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February 10, 2016 1:14 pm

US Intelligence Threat Assessment: Iran Has Largest Ballistic-Missile Arsenal in the Middle East

avatar by Eliezer Sherman

Email a copy of "US Intelligence Threat Assessment: Iran Has Largest Ballistic-Missile Arsenal in the Middle East" to a friend
Iran's Emad ballistic missile. Photo: Wikipedia.

Iran’s Emad ballistic missile. Photo: Wikipedia.

Iran already has the largest ballistic-missile arsenal in the Middle East, Director of National Intelligence Jonathan Klapper told the members of the Senate Armed Services Committee and the Senate Select Committee on Intelligence on Tuesday.

Additionally, “Iran’s progress on space launch vehicles — along with its desire to deter the United States and its allies — provides Tehran with the means and motivation to develop longer-range missiles, including ICBMs,” Klapper said, in a Worldwide Threat Assessment of the US Intelligence Community.

He said the ballistic missiles would be Iran’s likely preferred method of delivering nuclear weapons, should the country’s government decide ultimately to build them.

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The report came as Iran’s Defense Ministry announced it would test the long-range Emad ballistic missile, which was shown stored away in an underground warehouse by the Revolutionary Guards in the Iranian press last month.

Despite lifting some of the Iran sanctions, such as Tehran’s ability to access international banking transaction firm SWIFT, the US maintains others, over its ballistic-missile program, which Iran insists is allowed under the parameters of the July nuclear deal between the Islamic Republic and world powers. Iranian officials, including Foreign Minister Javad Zarif, argued that the ballistic missiles, while capable of delivering nuclear weapons, are not designed to do so.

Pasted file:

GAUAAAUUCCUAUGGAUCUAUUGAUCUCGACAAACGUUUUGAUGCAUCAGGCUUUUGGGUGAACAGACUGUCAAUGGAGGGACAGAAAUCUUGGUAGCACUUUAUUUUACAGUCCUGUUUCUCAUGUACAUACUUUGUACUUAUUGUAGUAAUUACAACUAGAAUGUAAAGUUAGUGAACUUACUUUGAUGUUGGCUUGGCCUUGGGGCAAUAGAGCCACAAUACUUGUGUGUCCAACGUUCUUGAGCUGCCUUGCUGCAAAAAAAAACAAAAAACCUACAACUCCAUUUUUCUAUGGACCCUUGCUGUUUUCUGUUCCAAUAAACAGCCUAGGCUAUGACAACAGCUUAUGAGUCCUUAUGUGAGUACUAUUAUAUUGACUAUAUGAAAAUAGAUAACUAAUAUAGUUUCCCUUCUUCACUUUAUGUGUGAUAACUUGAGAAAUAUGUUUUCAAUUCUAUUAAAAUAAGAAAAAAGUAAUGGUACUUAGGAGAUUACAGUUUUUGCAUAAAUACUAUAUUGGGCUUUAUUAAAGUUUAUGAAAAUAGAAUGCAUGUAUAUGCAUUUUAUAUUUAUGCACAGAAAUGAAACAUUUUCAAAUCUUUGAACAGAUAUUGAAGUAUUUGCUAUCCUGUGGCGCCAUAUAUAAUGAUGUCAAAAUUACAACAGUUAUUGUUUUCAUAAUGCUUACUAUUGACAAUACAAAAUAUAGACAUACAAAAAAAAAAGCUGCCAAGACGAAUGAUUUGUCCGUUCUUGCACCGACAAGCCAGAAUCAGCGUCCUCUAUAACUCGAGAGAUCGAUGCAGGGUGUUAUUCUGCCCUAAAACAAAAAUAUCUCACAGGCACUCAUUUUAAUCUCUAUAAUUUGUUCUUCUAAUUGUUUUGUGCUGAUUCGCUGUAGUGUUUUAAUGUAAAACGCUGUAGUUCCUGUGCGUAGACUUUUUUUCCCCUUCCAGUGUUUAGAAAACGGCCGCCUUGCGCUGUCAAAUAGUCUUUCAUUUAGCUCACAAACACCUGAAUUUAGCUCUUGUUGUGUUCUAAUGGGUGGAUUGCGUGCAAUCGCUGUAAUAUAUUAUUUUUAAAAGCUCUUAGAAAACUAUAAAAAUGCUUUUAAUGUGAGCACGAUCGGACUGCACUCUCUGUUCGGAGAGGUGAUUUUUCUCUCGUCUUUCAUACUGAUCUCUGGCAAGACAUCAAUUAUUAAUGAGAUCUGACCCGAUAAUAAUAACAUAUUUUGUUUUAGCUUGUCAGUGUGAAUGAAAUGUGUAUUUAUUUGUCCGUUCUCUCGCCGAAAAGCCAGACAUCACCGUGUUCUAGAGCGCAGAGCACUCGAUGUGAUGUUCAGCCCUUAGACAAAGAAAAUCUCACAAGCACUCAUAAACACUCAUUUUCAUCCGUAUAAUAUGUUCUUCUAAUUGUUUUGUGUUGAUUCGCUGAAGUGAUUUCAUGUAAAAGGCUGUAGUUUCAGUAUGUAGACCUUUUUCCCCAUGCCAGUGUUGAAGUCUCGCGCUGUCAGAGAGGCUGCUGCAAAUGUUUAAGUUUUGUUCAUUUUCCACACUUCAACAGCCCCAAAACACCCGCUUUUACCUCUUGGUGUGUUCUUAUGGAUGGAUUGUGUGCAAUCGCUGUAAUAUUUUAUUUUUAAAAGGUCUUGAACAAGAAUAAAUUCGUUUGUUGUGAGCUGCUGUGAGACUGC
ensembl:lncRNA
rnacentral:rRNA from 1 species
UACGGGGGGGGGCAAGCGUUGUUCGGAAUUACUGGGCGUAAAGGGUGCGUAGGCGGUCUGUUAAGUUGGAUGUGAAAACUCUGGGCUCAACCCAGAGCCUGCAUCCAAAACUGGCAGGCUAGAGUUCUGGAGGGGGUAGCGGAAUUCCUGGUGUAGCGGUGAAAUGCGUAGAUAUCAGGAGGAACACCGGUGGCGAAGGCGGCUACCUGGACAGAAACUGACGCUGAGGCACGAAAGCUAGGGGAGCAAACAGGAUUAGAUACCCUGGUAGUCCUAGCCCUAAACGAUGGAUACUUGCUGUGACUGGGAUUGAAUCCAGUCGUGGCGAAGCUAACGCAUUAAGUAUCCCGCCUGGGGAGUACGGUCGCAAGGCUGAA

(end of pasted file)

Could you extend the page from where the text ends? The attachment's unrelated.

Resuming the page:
Klapper’s report determined Iran probably viewed the nuclear deal it struck with world powers last July as a means to ease economic pressure, while preserving both some of its nuclear infrastructure and the option to ultimately expand it. He said Iran’s implementation of the nuclear deal would push off its breakout time to a nuclear weapon from just a few months to about a year.

“We continue to assess that Iran’s overarching strategic goals of enhancing its security, prestige, and regional influence have led it to pursue capabilities to meet its nuclear energy and technology goals and give it the ability to build missile-deliverable nuclear weapons, if it chooses to do so,” he testified, adding, “We do not know whether Iran will eventually decide to build nuclear weapons.”

“We also continue to assess that Iran does not face any insurmountable technical barriers to producing a nuclear weapon, making Iran’s political will the central issue,” he said.

Additionally in the testimony, which covered the wide array of challenges facing US intelligence agencies, Klapper noted that Iranian intelligence still saw the US as its primary threat. He said that Iran’s regional expansion and the spread of Shiite Islam, as well as Tehran’s partnership with Moscow, especially in Syria, were security concerns to Turkey, a US ally and NATO member.

He said its “intent” in the Middle East was “to thwart US, Saudi, and Israeli influence, bolster its allies, and fight ISIL’s expansion.” Iran’s allies include Syrian President Bashar Assad and proxies, such as Lebanese Hezbollah and Iraqi Shiite militias.

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